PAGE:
What Should I Know About a Weapons Trafficking Charge?
For the purposes of this blog, “weapon” refers primarily to “firearm” and, as stated in our previous blog, What Should I Know About a Gun Possession Charge, firearms are defined in Section 84(1) of the Criminal Code. There are three firearm categories: (1) prohibited firearm (handgun or sawed-off shotgun/rifle); (2) restricted firearm (semi-automatic firing rate, collapsible/telescoping gun); and (3) non-restricted firearm (hunting rifles and shotguns). For more information related to firearm categories and possession offences, click here.
Weapons trafficking is governed by section 99(1) of the Criminal Code which states that it is a criminal offence to manufacture or transfer (whether for payment or not) or offer to manufacture or transfer a prohibited firearm, a restricted firearm, a prohibited weapon, a restricted weapon, a prohibited device, any ammunition, or any prohibited ammunition knowing that you are not authorized to do so under the Firearms Act or any other law. Save for the three firearm categories, the types of weapons described in section 99(1) are defined in section 84(1) as follows:
- Prohibited Weapon: a knife that has a blade which opens automatically by gravity or centrifugal force or by hand pressure applied to a button, spring, or other device in or attached to the handle of the knife (switch blade, “flick knife”, butterfly knife)
- Restricted Weapon: any weapon other than a firearm that is restricted (crossbow).
- Prohibited Device: (a) any component or part of a weapon, or any accessory for use with a weapon, that is prescribed to be a prohibited device; (b) a handgun barrel that is equal to or less that 105mm in length; (c) a device or attachment that is intended to muffle or stop the sound of a firearm (a silencer); (d) a prohibited cartridge magazine; and (e) a replica firearm.
- Ammunition: a cartridge containing a projectile (bullet) designed to be discharged from a firearm, including a caseless cartridge and a shot shell.
- Prohibited Ammunition: ammunition or a projectile of any kind that is prohibited (armour-piercing bullets).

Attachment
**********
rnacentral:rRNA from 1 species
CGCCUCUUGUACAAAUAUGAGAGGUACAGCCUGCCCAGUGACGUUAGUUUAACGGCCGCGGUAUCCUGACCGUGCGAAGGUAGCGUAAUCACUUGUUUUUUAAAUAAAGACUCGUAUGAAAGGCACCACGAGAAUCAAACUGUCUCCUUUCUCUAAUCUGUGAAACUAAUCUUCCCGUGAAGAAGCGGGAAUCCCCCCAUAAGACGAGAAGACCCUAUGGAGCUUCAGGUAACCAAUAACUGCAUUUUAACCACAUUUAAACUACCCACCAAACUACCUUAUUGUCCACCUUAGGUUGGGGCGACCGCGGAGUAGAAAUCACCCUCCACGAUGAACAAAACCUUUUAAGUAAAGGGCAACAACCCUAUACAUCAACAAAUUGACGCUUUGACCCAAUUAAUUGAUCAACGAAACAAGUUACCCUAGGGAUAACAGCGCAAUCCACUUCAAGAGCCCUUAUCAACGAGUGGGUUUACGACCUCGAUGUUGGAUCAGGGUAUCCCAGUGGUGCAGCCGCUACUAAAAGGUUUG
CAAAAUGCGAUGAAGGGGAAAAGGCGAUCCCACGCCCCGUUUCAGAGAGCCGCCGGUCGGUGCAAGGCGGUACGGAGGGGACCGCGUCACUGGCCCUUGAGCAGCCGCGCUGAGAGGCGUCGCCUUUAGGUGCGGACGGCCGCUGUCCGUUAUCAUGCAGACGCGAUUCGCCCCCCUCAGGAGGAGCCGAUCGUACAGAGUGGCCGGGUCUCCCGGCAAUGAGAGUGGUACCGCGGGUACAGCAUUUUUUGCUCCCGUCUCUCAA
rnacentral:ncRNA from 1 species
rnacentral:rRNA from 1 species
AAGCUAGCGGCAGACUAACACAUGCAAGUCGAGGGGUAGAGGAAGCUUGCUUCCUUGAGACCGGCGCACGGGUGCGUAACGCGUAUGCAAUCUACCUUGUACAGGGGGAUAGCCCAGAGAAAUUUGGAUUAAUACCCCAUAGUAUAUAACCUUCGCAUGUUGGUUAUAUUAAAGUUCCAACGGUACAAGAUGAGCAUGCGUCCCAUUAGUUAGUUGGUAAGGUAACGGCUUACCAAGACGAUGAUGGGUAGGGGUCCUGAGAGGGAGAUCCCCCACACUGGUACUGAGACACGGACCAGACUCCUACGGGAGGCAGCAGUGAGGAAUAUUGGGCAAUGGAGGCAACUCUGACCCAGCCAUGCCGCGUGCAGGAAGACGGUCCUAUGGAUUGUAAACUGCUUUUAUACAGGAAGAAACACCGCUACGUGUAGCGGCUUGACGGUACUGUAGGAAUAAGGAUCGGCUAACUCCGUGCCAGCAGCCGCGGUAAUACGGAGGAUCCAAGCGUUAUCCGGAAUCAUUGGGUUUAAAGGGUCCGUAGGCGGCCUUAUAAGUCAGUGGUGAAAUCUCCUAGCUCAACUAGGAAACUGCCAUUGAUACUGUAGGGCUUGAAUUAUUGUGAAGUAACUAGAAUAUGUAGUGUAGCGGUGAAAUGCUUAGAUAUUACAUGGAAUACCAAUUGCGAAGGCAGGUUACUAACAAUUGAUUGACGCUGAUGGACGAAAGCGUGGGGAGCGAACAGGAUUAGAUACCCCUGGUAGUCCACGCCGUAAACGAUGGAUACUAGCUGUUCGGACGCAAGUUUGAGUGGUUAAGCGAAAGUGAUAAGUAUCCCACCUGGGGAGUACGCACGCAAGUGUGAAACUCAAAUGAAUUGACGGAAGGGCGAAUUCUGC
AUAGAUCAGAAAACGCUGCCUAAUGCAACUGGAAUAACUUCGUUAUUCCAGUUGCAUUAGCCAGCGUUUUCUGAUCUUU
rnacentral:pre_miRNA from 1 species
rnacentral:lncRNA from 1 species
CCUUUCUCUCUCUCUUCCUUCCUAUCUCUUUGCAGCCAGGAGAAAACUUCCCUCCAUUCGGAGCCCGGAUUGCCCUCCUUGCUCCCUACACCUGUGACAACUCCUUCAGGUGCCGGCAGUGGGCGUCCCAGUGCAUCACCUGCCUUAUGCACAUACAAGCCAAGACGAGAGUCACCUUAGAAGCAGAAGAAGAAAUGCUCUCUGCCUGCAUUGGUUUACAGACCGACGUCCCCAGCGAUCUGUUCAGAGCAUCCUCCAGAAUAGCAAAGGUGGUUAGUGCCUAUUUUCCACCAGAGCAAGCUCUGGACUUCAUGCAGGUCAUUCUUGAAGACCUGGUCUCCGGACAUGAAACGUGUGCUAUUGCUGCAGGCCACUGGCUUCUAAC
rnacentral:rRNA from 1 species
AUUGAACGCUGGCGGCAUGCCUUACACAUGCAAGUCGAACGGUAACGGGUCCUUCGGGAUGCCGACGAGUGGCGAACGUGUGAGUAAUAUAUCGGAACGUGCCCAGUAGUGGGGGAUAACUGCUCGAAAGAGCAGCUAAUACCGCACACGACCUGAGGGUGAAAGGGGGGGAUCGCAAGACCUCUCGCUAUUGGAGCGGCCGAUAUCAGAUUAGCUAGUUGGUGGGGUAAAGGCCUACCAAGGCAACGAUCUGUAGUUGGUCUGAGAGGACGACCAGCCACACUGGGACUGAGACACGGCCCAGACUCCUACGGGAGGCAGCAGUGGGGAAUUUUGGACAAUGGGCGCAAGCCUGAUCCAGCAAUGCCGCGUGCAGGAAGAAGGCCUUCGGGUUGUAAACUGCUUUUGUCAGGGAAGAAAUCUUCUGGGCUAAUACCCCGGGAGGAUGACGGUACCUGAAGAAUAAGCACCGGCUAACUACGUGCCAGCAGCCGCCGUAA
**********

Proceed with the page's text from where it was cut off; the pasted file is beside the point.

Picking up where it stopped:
Section 99(2) of the Criminal Code, “Punishment – firearm”, addresses trafficking of a prohibited firearm, a restricted firearm, a non-restricted firearm, a prohibited device, or any prohibited ammunition. If you are charged under this section and ultimately convicted, you are guilty of an indictable offence (serious offence) and face a maximum prison term of ten (10) years. The minimum prison terms for such a conviction, include:
(a) First offence – three (3) years; and
(b) Second or subsequent offence – five (5) years.
Other Weapons Trafficking
With respect to a conviction for other weapons trafficking (indictable offence), section 99(3) of the Criminal Code prescribes a maximum prison term of ten (10) years and a minimum prison term of one (1) year.
Possession for Purpose of Weapons Trafficking
You may also be charged under section 100(1) of the Criminal Code, “Possession for purpose of weapons trafficking”, if you possess a prohibited firearm, a restricted firearm, a non-restricted firearm, a prohibited weapon, a restricted weapon, a prohibited device, any ammunition, or any prohibited ammunition for the purpose of
(a) transferring it (whether for payment or not); or
(b) offering to transfer it,
knowing that you are not authorized to transfer it under the Firearms Act or other law.
If the weapon is a prohibited firearm, a restricted firearm, a non-restricted firearm, a prohibited device, any ammunition, or any prohibited ammunition, and you are convicted (indictable offence), then you face a possible maximum prison term of ten (10) years and a minimum prison term of: (a) first offence – three (3) years; and (b) second or subsequent offence – five (5) years (section 100(2) of the Criminal Code). In the case of other weapons (indictable offence), you face a possible maximum prison term of ten (10) years and a minimum prison term of one (1) year (section 100(3) of the Criminal Code).
Throughout his legal career, Jeff Mazin has helped his clients fight a variety of weapon and firearm charges and in doing so, understands the complexities. His success in this field can be demonstrated in a landmark ruling, wherein 2012 Mazin successfully challenged the constitutionality of a three year minimum gun trafficking sentence and won. If you have been charged with a weapon or firearms offence, Jeff Mazin is who you want in your corner. If you have a question or need assistance, reach out and book a free consultation.